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Seat location formula(5 posts)

Seat location formulaHENRY K
Jun 26, 2003 5:50 PM
I removed my Brooks B-17 to try to go back to my Max Flite Trans Am but suprisingly, I missed my B-17. Now I can not seem to get it back in the right location. I remember seeing at one time a formula in which you put your pedal at 3 O'Clock and drop a plum bob down from your knee to the pedal spindle to get the ideal seat location. Does anyone know this formula?
Here you go the following........abicirider
Jun 26, 2003 6:15 PM
link should answer all your questions.
Be Safe Out On The Roads!!!!!!!!
Ray Still
Mooresville, NC
http://www.cyfacusa.com/FIT%20SADDLE.htm
I don't think this is complicated enoughMisJG
Jun 26, 2003 7:02 PM
This page is a joke, right?! I've always just dropped a plumb-bob from my knee through the pedal spindal for a starting point, making fine adjustments from there. Don't let a mathematical formula dictate where everything should be. Just get comfortable and ride. It'll all come together. Comfort is subjective, it's different for everyone.
No,HENRY K
Jun 27, 2003 3:26 AM
this page is not a joke! I remember reading about how the fore & aft position of the seat will effect your power (and your knees for that matter). I know that ultimately you need to be comfortable but I just wanted to use something for a reference point that's all. LIGHTEN UP! I thought that this sight was for help not ridicule!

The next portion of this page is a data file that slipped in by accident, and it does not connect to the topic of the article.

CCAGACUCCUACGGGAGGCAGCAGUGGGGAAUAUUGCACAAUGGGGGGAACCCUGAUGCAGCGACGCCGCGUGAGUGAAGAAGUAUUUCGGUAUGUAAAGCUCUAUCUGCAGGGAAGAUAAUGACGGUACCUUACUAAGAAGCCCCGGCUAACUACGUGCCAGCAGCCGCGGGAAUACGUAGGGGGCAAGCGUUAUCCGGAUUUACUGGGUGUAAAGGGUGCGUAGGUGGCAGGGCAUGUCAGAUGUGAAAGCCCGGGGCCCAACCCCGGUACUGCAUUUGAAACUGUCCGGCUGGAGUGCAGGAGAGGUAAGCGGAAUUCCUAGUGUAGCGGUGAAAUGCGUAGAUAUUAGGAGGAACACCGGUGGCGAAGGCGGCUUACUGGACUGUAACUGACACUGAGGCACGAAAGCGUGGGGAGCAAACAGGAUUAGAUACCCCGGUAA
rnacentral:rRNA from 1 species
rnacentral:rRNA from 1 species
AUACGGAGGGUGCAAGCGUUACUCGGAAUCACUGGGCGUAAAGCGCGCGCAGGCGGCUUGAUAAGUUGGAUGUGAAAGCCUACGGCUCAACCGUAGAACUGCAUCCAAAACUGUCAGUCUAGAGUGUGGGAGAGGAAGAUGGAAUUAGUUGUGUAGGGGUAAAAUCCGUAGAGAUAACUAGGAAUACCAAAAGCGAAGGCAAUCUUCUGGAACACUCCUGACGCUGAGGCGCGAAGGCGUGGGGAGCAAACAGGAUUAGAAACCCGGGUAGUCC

no formula...C-40
Jun 27, 2003 4:52 AM
Dropping a plumb bob from the front of the knee, through the pedal spindle is a good starting point, but there is no "formula" to go with it. The bike must be level when taking the measurement. The accuracy of this measurement is not great.

If you happen to have an existing bike and a particular brand of saddle that is set up to your liking, a plumb bob can be used from the nose of the saddle to measure the setback from the bottom bracket, to be duplicated on another bike. Change the model of saddle though, and the dimensions are worthless, since no two saddle are likely to sit the same.

There are (worthless) formulas for saddle height (like .883 times inseam). This formula has no way to take into account variations in pedal/shoe stack height, which can vary up to 1cm. I take a rough mesurement from the center of the BB to the top of the saddle, along the seat tube and fine tune by feel, on the road.